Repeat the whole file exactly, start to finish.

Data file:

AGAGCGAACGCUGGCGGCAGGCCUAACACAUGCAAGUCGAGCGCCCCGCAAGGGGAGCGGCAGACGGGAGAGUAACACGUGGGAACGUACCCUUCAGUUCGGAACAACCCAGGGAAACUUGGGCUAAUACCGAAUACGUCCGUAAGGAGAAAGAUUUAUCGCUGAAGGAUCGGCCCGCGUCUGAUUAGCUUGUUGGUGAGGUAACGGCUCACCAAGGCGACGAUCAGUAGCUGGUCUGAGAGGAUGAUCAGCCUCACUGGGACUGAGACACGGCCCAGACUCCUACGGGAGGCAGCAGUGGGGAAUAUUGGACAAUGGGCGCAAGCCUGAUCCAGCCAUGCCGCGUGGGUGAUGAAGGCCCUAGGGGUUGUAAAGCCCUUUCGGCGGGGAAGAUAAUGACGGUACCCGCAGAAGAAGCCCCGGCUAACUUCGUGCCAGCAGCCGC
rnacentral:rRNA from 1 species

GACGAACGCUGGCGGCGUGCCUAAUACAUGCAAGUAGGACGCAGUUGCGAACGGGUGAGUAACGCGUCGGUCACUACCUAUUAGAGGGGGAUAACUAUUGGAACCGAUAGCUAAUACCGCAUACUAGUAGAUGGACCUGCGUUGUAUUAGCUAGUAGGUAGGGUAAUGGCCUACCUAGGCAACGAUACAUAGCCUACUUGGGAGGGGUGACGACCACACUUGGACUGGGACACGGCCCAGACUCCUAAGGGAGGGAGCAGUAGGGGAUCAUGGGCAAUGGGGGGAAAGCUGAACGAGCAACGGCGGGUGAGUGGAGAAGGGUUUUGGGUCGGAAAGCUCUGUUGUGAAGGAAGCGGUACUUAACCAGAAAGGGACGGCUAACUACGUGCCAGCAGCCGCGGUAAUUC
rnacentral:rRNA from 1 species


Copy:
AGAGCGAACGCUGGCGGCAGGCCUAACACAUGCAAGUCGAGCGCCCCGCAAGGGGAGCGGCAGACGGGAGAGUAACACGUGGGAACGUACCCUUCAGUUCGGAACAACCCAGGGAAACUUGGGCUAAUACCGAAUACGUCCGUAAGGAGAAAGAUUUAUCGCUGAAGGAUCGGCCCGCGUCUGAUUAGCUUGUUGGUGAGGUAACGGCUCACCAAGGCGACGAUCAGUAGCUGGUCUGAGAGGAUGAUCAGCCUCACUGGGACUGAGACACGGCCCAGACUCCUACGGGAGGCAGCAGUGGGGAAUAUUGGACAAUGGGCGCAAGCCUGAUCCAGCCAUGCCGCGUGGGUGAUGAAGGCCCUAGGGGUUGUAAAGCCCUUUCGGCGGGGAAGAUAAUGACGGUACCCGCAGAAGAAGCCCCGGCUAACUUCGUGCCAGCAGCCGC
rnacentral:rRNA from 1 species

GACGAACGCUGGCGGCGUGCCUAAUACAUGCAAGUAGGACGCAGUUGCGAACGGGUGAGUAACGCGUCGGUCACUACCUAUUAGAGGGGGAUAACUAUUGGAACCGAUAGCUAAUACCGCAUACUAGUAGAUGGACCUGCGUUGUAUUAGCUAGUAGGUAGGGUAAUGGCCUACCUAGGCAACGAUACAUAGCCUACUUGGGAGGGGUGACGACCACACUUGGACUGGGACACGGCCCAGACUCCUAAGGGAGGGAGCAGUAGGGGAUCAUGGGCAAUGGGGGGAAAGCUGAACGAGCAACGGCGGGUGAGUGGAGAAGGGUUUUGGGUCGGAAAGCUCUGUUGUGAAGGAAGCGGUACUUAACCAGAAAGGGACGGCUAACUACGUGCCAGCAGCCGCGGUAAUUC
rnacentral:rRNA from 1 species